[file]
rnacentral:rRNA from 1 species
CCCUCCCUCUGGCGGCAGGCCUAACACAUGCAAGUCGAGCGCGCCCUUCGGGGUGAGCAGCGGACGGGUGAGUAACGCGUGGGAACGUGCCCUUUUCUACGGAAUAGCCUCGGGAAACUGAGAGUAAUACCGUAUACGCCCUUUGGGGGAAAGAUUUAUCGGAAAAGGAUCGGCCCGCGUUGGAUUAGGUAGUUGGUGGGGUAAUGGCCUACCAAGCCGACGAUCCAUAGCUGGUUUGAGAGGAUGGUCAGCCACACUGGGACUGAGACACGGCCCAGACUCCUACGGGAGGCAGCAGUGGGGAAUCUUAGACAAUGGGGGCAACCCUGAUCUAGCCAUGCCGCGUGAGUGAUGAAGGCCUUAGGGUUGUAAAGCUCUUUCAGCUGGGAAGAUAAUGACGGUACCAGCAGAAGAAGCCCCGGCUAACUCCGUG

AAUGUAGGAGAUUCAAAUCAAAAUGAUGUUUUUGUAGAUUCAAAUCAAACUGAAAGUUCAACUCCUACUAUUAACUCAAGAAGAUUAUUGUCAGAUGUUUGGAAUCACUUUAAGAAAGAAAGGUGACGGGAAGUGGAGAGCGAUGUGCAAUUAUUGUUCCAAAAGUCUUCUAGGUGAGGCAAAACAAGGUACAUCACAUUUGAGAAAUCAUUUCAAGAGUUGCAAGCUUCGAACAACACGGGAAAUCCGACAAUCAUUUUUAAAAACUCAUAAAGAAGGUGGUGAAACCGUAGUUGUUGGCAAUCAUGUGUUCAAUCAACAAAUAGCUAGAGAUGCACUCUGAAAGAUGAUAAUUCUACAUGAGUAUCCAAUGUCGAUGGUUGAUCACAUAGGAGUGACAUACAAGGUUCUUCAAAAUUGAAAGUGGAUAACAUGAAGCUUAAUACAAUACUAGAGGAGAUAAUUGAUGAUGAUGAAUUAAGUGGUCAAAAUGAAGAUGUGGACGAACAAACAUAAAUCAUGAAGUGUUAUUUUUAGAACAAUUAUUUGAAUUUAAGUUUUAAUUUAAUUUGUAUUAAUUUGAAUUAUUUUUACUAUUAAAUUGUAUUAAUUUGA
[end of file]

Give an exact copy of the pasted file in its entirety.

rnacentral:rRNA from 1 species
CCCUCCCUCUGGCGGCAGGCCUAACACAUGCAAGUCGAGCGCGCCCUUCGGGGUGAGCAGCGGACGGGUGAGUAACGCGUGGGAACGUGCCCUUUUCUACGGAAUAGCCUCGGGAAACUGAGAGUAAUACCGUAUACGCCCUUUGGGGGAAAGAUUUAUCGGAAAAGGAUCGGCCCGCGUUGGAUUAGGUAGUUGGUGGGGUAAUGGCCUACCAAGCCGACGAUCCAUAGCUGGUUUGAGAGGAUGGUCAGCCACACUGGGACUGAGACACGGCCCAGACUCCUACGGGAGGCAGCAGUGGGGAAUCUUAGACAAUGGGGGCAACCCUGAUCUAGCCAUGCCGCGUGAGUGAUGAAGGCCUUAGGGUUGUAAAGCUCUUUCAGCUGGGAAGAUAAUGACGGUACCAGCAGAAGAAGCCCCGGCUAACUCCGUG

AAUGUAGGAGAUUCAAAUCAAAAUGAUGUUUUUGUAGAUUCAAAUCAAACUGAAAGUUCAACUCCUACUAUUAACUCAAGAAGAUUAUUGUCAGAUGUUUGGAAUCACUUUAAGAAAGAAAGGUGACGGGAAGUGGAGAGCGAUGUGCAAUUAUUGUUCCAAAAGUCUUCUAGGUGAGGCAAAACAAGGUACAUCACAUUUGAGAAAUCAUUUCAAGAGUUGCAAGCUUCGAACAACACGGGAAAUCCGACAAUCAUUUUUAAAAACUCAUAAAGAAGGUGGUGAAACCGUAGUUGUUGGCAAUCAUGUGUUCAAUCAACAAAUAGCUAGAGAUGCACUCUGAAAGAUGAUAAUUCUACAUGAGUAUCCAAUGUCGAUGGUUGAUCACAUAGGAGUGACAUACAAGGUUCUUCAAAAUUGAAAGUGGAUAACAUGAAGCUUAAUACAAUACUAGAGGAGAUAAUUGAUGAUGAUGAAUUAAGUGGUCAAAAUGAAGAUGUGGACGAACAAACAUAAAUCAUGAAGUGUUAUUUUUAGAACAAUUAUUUGAAUUUAAGUUUUAAUUUAAUUUGUAUUAAUUUGAAUUAUUUUUACUAUUAAAUUGUAUUAAUUUGA